After I earlier took a swipe at Acting Pretend Secretary of Education John King's resolutions for the new year, blogger, author, activist and fellow trombonist Jose Luis Vilson asked me what my resolutions would be, were I the Secretary of Education. It's a fun question, so here we go-- if hell froze over and I were writing the resolutions for the Ed Secretary's office, here's what I would resolve:
That we will do everything possible to see that each community in America has the tools and support it needed to create and maintain the great local school system that it dreamed of.
That means local control, local decision-making, local vision of what the schools should be. Every single community in America is different, and that means that every school is different, with different needs, goals, resources and aspirations. And nobody knows all of those factors better than the people in that community. But not all communities have the resources and support needed to make their dreams real. We will make sure that the USED is there to get them those resources-- and that does not mean giving some corporation a contract to provide what we decide the community needs. We will not tell the community what they need; they will tell us. If that means a lot of corporate interests go hungry, so be it.
We will not be there to tell them what "great" must look like or what goals they must embrace, or else. We will be there to make sure that no school's vision denies basic principles of democracy or law in this country; no community will be allowed to exclude or deny some families their hope for their children's future. There can be no great schools without justice.
We will also be there to demand that our fellow agencies help. Where poverty, racism, and chaos are disrupting a community, it is hard to build a great school. Partnership between state and federal government can help build the solid community foundation on which communities can build great schools.
We will not abandon communities by silencing democracy and closing schools. We will strive for an America in which no community is left behind, stripped of voice and forced to send its children elsewhere. We will not try to enforce a one-size-fits-all top-down definition of excellence on every community in America.
That we will end the tyranny of federally mandated standardized testing.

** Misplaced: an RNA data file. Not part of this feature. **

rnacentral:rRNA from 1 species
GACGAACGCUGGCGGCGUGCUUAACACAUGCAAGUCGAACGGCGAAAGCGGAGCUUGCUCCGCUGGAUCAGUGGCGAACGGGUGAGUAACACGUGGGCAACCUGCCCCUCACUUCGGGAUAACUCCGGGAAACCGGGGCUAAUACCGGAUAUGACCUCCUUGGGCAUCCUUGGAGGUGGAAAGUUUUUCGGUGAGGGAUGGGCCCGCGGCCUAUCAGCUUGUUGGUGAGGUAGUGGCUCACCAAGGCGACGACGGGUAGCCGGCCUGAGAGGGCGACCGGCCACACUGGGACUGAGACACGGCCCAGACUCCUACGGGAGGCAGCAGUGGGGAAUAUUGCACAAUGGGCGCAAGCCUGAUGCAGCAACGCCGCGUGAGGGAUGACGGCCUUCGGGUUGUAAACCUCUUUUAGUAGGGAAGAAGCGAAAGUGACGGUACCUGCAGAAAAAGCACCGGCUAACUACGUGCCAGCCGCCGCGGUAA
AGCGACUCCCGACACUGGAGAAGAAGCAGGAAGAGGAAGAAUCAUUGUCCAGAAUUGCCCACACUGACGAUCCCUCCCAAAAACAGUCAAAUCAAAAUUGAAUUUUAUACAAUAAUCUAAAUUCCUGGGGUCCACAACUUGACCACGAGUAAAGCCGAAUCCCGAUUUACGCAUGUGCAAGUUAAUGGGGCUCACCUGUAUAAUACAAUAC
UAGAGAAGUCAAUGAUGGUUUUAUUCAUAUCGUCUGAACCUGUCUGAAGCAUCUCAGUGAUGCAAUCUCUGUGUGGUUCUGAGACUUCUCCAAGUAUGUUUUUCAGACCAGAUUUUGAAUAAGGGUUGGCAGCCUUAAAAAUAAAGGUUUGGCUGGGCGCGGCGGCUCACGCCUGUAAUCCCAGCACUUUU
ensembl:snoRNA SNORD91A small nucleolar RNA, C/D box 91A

Yes, annual standardized tests of reading and math are written into the ESSA, and I resolve that the department will devote a budget of $1.99 and three hours a week from our youngest intern to making sure that law is followed.
Big Standardized Tests have made a twisted toxic mess out of education policy. We're done. Just as in the past we have bent the rules to enforce policy that had no force of law behind it, we will find ways to discourage the scourge of BS Testing.
That we will seek out and include teacher voices. Also, parents and students.
I am going to track down the teachers who are strong, influential forces for good in their communities. I will not have them apply to come be heard and insist that they be vetted for unwelcome attitudes. I will track them down, find where they teach, travel to sit in their classrooms, and listen to what they have to say. I mean, actually listen. Does that sound time consuming? Very well-- I will travel the public schools of this country in a well-teched-out bus. After all, what reason is there for me to be hunkered down in DC, other than it makes it easier for lobbyists to find me in the office. For more than half of my work year, I will run this office from the road.
That market forces are incompatible with a free, open, equitable public education system, and we will say so, and act like we mean it.
Period. Not since trickle-down economics has such a groundless basis for policy gotten as much play as "market forces will make public schools excellent." It's baloney. We're done with it.
Finally, about this job.
There's so much more I could resolve about, but King kept his list to just three items and I've already doubled that. So let me finish by resolving to give this job to somebody way wiser than I am so that I can get back to my own classroom.